Member of the Press, Media 24:.

DG, you mentioned the emotive issue of land invasions as one of the issues that is needed to be resolved. One of the matters that are likely to come before SADC, I think next week, is the Tribunal judgment in November and the subsequent confirmation in Windhoek on the issue of land invasions and those 78 farmers, I think who SADC said have the right to remain on their farms. Does South Africa believe that that judgment is being adhered to? And the farmers seem not to believe that. But what is our position on progress on that issue? And should the President of Zimbabwe comply, if he is not complying already? So, my question is basically, what is going to be done about the SADC Tribunal judgment? Thank you.

Dr Ayanda Ntsaluba, Director-General, Department of International Relations and Cooperation: I really don't know what will be done, but what we do know is that there is not full compliance with the judgment. That we know. And we also know that the Zimbabweans have raised legal issues. We also know that all of us navigate very carefully around this thing about domestic legislation, as well as the positions of the tribunal. I mean, the last time it was discussed, it was quite clear that we might have  a particular dominant view in terms of wishing that this thing should move in a particular direction. But, quite clearly, the issues are complex. I think it would be interesting. My understanding is that again there will be a report from the Tribunal. There were certain questions that were put to the legal team within SADC after the last meeting. So we expect them to probably come and give some sort of, shed some light.

Because, part of it was really difficult for the Heads of State and the Ministers to engage, because there is not so much a dispute on politics, as a dispute around law, and which one. So, I think it would be good to get that input and I think that will inform us. It may well be that it might point to, if it points to defects in our regional legal frameworks, and maybe point at loopholes about enforceability, then we must have the political discussion about whether we want them to be enforceable and what amendments need to be made in order to make them enforceable.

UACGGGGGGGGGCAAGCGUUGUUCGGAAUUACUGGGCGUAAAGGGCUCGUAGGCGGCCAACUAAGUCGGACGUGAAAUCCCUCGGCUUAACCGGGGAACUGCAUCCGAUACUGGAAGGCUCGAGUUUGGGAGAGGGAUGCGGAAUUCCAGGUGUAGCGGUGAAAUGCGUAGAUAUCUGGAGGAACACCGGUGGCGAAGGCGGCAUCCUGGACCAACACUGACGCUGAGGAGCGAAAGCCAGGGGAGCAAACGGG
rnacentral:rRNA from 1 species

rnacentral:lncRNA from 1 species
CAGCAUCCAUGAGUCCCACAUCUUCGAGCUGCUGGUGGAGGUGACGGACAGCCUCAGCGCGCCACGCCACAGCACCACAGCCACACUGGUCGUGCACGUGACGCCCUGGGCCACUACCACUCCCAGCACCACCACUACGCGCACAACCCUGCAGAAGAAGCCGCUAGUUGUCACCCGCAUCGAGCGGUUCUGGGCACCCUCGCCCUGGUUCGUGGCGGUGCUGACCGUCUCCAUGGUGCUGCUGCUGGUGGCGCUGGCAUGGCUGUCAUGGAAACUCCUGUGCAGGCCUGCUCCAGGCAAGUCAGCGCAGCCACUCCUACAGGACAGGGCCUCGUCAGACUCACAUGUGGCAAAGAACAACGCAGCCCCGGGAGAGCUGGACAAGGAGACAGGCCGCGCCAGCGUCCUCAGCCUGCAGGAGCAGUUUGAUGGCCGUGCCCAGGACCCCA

So, that second political debate surely will have to follow from a proper understanding of the actuality of the legal situation. So, it is a difficult thing. I am also trying to be, I mean, you know our view. Our view has been, we have made repeated appeals to the government of Zimbabwe. We have stood in representation of those South African citizens who have had their farms taken. So, our position about, about that is known, in as much as we believe that the land issue and the land distribution issue is a legitimate issue needed to be addressed, that it is also known that we also had our own misgivings about how it was executed. And so, that is really our approach there.

Member of the Press:

On the issue mediation of Zimbabwe, we know that President Zuma will present his political report. How do you proceed beyond that, given the fact that we would have a new chairman? Are we going to see maybe his role or mandate being reviewed at the SADC Summit level? And the other issue relates to IBSA. You are saying that there is going to be a review of some of the past agreements that had been signed. What is the state of, the future of IBSA itself, because it has been put in question? And about those issues, why do we need to review those? Has anything changed? Thanks.

Dr Ayanda Ntsaluba, Director-General, Department of International Relations and Cooperation: Let me start with the first one. I mean, President Zuma is the Chair of the SADC. He went to Zimbabwe as both Chair and as President of the Republic, and SADC is the guarantor. So, he would be expected to say something around the issue of Zimbabwe. And that is why I say he will then explain or express his views. Then there would have to be a discussion within SADC as to exactly what is our assessment of where the issues in Zimbabwe are. The last time the issues were discussed, the Summit met fully on Zimbabwe. This was in August last year in Sandton. You will recall that at that point there was no global political agreement. There was no inclusive government. Now, those have been achieved.

Now, some of the questions that would have to be dealt with are then, what is the most efficient way of managing the process forward, and that opens up the options. Should we still have a dedicated person as the facilitator? Should this still reside with the Chair of SADC, in which case, it will then automatically pass over to President Kabila? Should it now move on to be an issue of maintenance, largely dealt with to the organ on politics and defense, in which case it would move there. And I think every time that there is a an issue like this, you reach those points where you do those reviews and I think , it will come out of that what then the future course is going to be and the extent of President Kabila's involvement. And this will come out of that.